Mr. Pumpkin Adventure is a point & click puzzle game in which Mr Pumpkin goes off to find his memory in the vegetable kingdom, featuring 50 scenes with interconnected puzzles. Have a read of our review to see if Mr. Pumpkin Adventure is worth checking out…
Mr. Pumpkin Adventure is the type of game that is easy to miss at first, but fans of point and click puzzle games that dare to to seek the unusual are in for a surprise here. Playing as the titular Mr. Pumpkin, we awaken to find ourselves in an incredibly surreal world where robots destroy cities with laser beam eyes and flies are surprisingly helpful so long as we come bearing the proper fruit as a gift. Mr. Pumpkin is thrust into the world with a slight case of amnesia, but we’re not entirely blind as there are diary pages to help us decode the puzzles that block our path from scene to scene. Additionally we are given cut scenes between certain chapters that help propel the story.
Mr. Pumpkin Adventure’s cut scenes and over all art style hearkens back to the retro cartoons of yesteryear. This whimsical, hand drawn aesthetic helps to tie the visuals of Mr. Pumpkin Adventure in with the surreal craziness that is happening in every scene. Among the chaos, players can find puzzles, clues for solving said puzzles, and important items to help Mr. Pumpkin overcome his amnesia and see the world for what it really is. Most of the puzzles are simple and logic based, such as finding a hammer to pry open a wooden crate. Others are notably more complicated, and frequently make use of mathematics, such as a puzzle that gives you four random numbers and you must use them to create an equation that totals the number 24.
Mr. Pumpkin Adventure began its life as a mobile game before coming to console, and during that time it featured the option to pay real life cash (£0.79 to be precise) in order to skip the game’s more difficult puzzles. Thankfully, these microtransactions have been removed for the sake of the console version of the game. Those that find themselves stuck on any of the puzzles can make use of the game’s hint system, but even the hints are locked up behind a mini game that requires jumping a small pumpkin through various obstacles in order to reach a set score. Once the player completes the mini game, they can then access the hint for the current scene. Don’t get too excited, however, if you think you can just mini-game your way through Mr. Pumpkin Adventure. The hints do not give the complete solution, and in later areas where the puzzles are more complicated and span multiple scenes the hint will only be for the existing scene, which still leaves a lot of leg work up to the player.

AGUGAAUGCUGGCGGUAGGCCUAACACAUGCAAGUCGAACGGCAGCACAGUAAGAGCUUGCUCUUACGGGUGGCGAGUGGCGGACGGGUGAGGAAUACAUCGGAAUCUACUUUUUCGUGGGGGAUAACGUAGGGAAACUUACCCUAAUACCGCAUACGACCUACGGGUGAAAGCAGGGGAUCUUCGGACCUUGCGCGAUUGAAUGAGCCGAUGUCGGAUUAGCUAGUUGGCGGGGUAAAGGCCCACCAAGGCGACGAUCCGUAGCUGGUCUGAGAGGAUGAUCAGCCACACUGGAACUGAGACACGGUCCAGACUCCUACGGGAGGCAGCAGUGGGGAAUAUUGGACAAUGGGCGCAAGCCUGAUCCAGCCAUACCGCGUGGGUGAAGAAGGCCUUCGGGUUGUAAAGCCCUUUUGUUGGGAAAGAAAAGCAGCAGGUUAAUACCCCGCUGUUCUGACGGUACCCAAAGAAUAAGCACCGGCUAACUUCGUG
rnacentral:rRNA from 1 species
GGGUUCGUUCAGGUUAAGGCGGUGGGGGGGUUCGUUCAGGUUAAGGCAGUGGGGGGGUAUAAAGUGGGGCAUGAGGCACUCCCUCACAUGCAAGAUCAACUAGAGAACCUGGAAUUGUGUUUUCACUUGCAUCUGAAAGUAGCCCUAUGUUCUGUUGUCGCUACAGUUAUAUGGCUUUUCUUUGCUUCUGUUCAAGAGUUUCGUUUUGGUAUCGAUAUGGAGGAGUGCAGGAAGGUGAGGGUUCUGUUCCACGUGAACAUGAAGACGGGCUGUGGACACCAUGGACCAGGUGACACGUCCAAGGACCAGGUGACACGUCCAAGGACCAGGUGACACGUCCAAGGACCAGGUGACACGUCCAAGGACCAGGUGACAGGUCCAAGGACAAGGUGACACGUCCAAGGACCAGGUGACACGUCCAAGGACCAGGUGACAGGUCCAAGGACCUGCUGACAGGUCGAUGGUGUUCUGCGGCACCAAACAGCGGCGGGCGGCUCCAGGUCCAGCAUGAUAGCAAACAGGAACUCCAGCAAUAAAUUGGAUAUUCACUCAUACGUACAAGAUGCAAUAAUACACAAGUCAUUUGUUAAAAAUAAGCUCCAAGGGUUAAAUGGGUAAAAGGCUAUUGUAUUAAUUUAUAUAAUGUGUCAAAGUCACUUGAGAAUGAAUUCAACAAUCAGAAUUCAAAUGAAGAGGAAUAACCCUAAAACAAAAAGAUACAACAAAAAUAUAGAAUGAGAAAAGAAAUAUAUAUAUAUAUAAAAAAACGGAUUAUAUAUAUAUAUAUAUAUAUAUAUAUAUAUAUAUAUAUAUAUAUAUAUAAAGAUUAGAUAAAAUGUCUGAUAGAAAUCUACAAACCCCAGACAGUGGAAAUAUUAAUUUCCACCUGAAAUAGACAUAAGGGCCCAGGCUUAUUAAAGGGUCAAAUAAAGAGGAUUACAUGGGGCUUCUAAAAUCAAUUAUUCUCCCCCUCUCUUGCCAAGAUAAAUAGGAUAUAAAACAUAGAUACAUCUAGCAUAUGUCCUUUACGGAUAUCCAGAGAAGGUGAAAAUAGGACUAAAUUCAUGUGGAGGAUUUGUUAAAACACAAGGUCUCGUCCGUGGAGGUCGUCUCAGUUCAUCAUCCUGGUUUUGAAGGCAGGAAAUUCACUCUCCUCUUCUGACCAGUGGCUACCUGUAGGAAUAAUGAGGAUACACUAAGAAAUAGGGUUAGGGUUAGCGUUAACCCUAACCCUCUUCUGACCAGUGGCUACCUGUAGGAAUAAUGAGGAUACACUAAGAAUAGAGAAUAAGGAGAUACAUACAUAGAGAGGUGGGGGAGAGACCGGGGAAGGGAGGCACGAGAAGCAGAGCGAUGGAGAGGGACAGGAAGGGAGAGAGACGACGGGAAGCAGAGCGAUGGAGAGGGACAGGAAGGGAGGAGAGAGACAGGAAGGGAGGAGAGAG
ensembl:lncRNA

The absence of a touch screen capability on console also meant that Mr. Pumpkin Adventure had to be modified to work with a controller. The developers actually did a really good job with this swap up. The added on screen cursor doesn’t feel out of place in the scenes, and also moves smoothly with the controller. Often times games that are ported to console after having been on mobile or PC feel out of sorts on consoles because of controllers, but Mr. Pumpkin Adventure plays without any indication that it was ever any other way while in game.
Mr. Pumpkin Adventure dares to pull out all of the stops, and in doing so succeeds at being whimsical and weird in all the right ways, and fans of logic and/or math puzzles are sure to be pleasantly surprised.